My experience is limited. I have tried Jaune Brilliant No1 and 2 - 'the secret vices of many (American ) artists' according to Handprint, the earth colours (good) and currently have a tube of Ultramarine Blue. They have 6 price categories ranging from (current Jacksons) £7.70 for Series 1 to a whopping £19.40 for Series 6.  I thought them fine but wouldn't rush to buy them unless they came in with a good price offer and then I'd be selective in what I bought. This whole question of pricing is something I've written up before because it is complicated and there is no common policy. If not careful you can pay more than is necessary for one make when you can get a better alternative cheaper. One such example is Winsor & Newton Cerulean which is very competitive and a better buy than several others. I take the view most or indeed all of the leading brands are perfectly acceptable subject to personal preference. My take is to combine acceptable quality with price. I also buy different brands as you don't have to stick to one whatever some may say. At present you have a marketing drive for the recently introduced very expensive QoR with several well-known artists promoting them. Take all this stuff with a pinch of salt. I'm sure most artists offer a genuine view but do they pay for the paints or are they gratis? I know this happens.

If you wish to pursue interest in Holbein - a perfectly acceptable make overall - then have a look at  This guy is enthusiastic about Holbein and there are lots of comments . In addition the artist Tom Lynch promotes them on Youtube so look at that also. In the years since Handprint gave up many new pigments have been introduced. The best source of information  on pigments - perhaps too technical for most tastes but a phenomenal source of pigment information and usually smack up to date, is the site. In the USA Dick Blicks website has full information but you have to look up each colour separately. 


Monday, 15 August 2016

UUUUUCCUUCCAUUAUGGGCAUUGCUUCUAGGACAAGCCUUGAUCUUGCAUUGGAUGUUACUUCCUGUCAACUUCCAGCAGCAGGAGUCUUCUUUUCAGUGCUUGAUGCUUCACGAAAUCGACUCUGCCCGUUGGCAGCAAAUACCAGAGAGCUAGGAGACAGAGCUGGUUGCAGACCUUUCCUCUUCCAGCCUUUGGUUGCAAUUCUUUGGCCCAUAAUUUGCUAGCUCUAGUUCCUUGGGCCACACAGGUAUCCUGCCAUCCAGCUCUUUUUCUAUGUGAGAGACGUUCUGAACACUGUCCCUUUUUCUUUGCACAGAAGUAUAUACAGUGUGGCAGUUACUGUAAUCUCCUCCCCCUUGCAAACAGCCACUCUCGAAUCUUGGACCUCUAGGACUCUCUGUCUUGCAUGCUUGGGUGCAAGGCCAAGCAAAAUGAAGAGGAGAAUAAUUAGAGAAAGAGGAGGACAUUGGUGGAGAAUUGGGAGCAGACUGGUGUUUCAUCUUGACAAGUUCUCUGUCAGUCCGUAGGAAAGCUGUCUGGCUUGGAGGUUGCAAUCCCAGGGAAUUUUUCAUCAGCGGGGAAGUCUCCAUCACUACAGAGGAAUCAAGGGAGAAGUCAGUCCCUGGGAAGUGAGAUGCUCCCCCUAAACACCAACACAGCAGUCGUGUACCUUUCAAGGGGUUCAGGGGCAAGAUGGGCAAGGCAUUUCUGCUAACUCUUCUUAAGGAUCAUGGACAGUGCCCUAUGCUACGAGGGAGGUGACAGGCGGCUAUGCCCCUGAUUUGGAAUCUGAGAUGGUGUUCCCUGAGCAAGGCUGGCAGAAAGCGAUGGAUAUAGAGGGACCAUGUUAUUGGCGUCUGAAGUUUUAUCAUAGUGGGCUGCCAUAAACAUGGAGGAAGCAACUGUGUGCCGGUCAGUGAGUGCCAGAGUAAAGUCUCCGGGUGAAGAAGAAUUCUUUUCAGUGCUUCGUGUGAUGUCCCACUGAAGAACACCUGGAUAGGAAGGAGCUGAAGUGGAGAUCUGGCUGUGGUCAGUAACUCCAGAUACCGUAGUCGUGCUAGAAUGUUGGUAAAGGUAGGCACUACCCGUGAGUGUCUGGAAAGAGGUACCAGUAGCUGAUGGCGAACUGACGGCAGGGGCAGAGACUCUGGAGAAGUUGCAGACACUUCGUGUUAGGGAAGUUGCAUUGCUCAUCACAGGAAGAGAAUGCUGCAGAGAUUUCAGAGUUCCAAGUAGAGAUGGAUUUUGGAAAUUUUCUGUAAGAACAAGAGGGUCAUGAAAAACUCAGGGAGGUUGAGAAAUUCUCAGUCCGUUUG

Another Two

Painted at this weeks AVA session, after drawing the subjects the previous day.

A Nubian Lady 16" x 12" Waterford High White 140lb (300gsm) not

I didn't think this too bad but it has gone down like a lead balloon on my Facebook 'Portraits ' group. Not one like! I don't get many likes for my portraits on there, the one exception being the 'Green Man'. I never expect to be overwhelmed with praise but it seems the mainly Asian membership prefer different styles.  Actually when I painted it at my AVA group they also seemed distinctly underwhelmed.

Running Antelope 16" x 12" Waterford High White 140lb (300gsm) not

Another indian portrait. Possibly on the dull side but so was the guide photograph. Enough said.

Friday, 12 August 2016

Three More

These are my latest efforts, two painted at my AVA Thursday session last week the third at home.

''At Rest' 16 " x 12"

I must get back to painting birds and animals. This is the first for a while.

Unfinished Self Portrait. 16" x 12"

I finished the deer  painting and had twenty minutes spare. I had already drawn the face so decided to start painting. This was as far as I got and I intended to take it  home and do more work,  although the  thought of having to paint my bald pate didn't thrill me. However Jo, one of my painting friends saw it and asked if she could have  it. "Don't do anything else!'. What was I to do. I signed it and gave it to her. She even offered to pay me for it!

,The Hair has it!' 16" x 12" Waterford High White

This was based on a photograph that Pauline found on Google when she put in 'Big Hair'.After she had completed her painting she gave me the photo.

Thursday, 4 August 2016

Watercolour Papers

The paper used in watercolours is considered by many artists to be the most important item. The celebrated American artist and renowned teacher Charles Hawthorne (1872 - 1930) had this to say:
"Buy cheap colours if you will,  but buy good quality paper - fifty per cent and more of your watercolours depends on the paper you use".

There are not many books exclusively on paper although most books on painting will have something. Two books that do deal with paper are the "The Watercolourist's Guide to Art Papers" by Ian Sidaway(2002)  and "The Book of Fine Paper" by Sylvie Turner (1998). I have the Sidaway book but not that by Turner. The Sidaway book is available on Amazon from its partners at around £9 including postage. The Turner one at a variety of prices starting at £26 for used up to a whopping £233.96 (!) for a new copy. It has 240 pages, as opposed to 95 and seems to be on a different level. Bruce McEvoy speaks highly of it while giving a mixed review to Sidaway. Handprint has an extensive section on watercolour papers and covers the subject in detail plus reviews of individual papers.